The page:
FOR IMMEDIATE RELEASE: February 10, 2020
Contact: Joseph Coletti
John Locke Foundation
Changes Needed To Ensure North Carolina’s Pension Plan Remains Strong, Delivers on Its Promises
Report recommends steps for reducing risk and ensuring fiscal sustainability
RALEIGH — It is among the nation’s healthiest pension plan systems, currently funded at almost 90 percent, yet North Carolina’s Teachers’ and State Employees’ Retirement System’s (TSERS) funded ratio has been dropping over the last 20 years. That red flag shouldn’t be ignored, according to experts from the John Locke Foundation and Reason Foundation.
In a new report released Monday, February 10, they provide detailed research on the plan, along with specific recommendations to ensure that TSERS delivers on promises to current and future retirees and shield taxpayers from financial risk.
“The good news is North Carolina’s pension plan applies many best practices and compares quite well with other states,” said Joseph Coletti, senior fellow at the John Locke Foundation and one of the report’s authors. “Still, the data shows potential vulnerabilities in the plan assumptions and in the investment portfolio, and those should be addressed.”
More than 700,000 people have a direct interest in the plan’s viability, with all North Carolina taxpayers on the hook for unfunded liabilities. The report relies on data from Fiscal Year (FY) 2018, when TSERS had liabilities of $80 billion, assets valued at $70 billion, and a net liability of $10 billion.
The pension plan had 304,554 active members, 6,680 members on disability, 160,087 terminated members or survivors of deceased members entitled to, but not currently receiving benefits, and 215,008 retired members or survivors collecting benefits.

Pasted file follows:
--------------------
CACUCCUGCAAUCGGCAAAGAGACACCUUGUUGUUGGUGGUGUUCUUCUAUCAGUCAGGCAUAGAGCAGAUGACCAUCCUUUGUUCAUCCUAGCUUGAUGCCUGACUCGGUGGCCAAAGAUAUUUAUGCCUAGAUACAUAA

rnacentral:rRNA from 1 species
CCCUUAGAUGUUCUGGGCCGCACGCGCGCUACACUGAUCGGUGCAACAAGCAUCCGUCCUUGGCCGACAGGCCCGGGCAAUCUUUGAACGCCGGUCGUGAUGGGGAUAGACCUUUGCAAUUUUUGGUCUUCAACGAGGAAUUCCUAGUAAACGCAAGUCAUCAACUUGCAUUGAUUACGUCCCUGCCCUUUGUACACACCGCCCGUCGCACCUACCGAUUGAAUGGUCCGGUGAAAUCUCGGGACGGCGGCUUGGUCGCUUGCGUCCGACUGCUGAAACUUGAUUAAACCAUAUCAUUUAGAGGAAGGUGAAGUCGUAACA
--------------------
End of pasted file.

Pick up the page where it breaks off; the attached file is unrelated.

Following a detailed look at two decades of data, the authors offer a course correction. They urge policymakers to adopt more conservative actuarial assumptions and to consider expanding new-hire retirement plan choices and providing options to existing employees. They also recommend quick action. “In the realm of pension finance, the best time to make prudent changes to reduce risk is right now, before major problems – such as the next recession – materialize.”
The report also praises the solid foundation of North Carolina’s plan, upon which the reforms would build. They include an 88 percent funded ratio well above the national average of 73 percent, the use of a 7.0 percent assumed rate of return well below the national average of 7.5 percent, and a track record of making the full actuarially determined pension contributions.
“This report is filled with data, but it’s really about people,” Coletti said. “The pension plan embodies the hopes, dreams, and futures for hundreds of thousands of people and their families. The state has made promises, and our goal is help make sure those promises are kept.”
Four experts from the Reason Foundation collaborated with Coletti on the analysis. They are policy analysts Jen Sidorova and Raheem Williams, senior policy analyst Truong Bui, and vice president Leonard Gilroy.
Sidorova and Gilroy will outline the report’s key recommendations at the John Locke Foundation’s Shaftesbury Society at Noon today, Feb. 10. The event, at the John Locke Foundation’s midtown Raleigh office, is open to the public (4800 Six Forks Road, Suite 220, Raleigh). The presentation also will be streamed live on the John Locke Foundation’s Facebook page.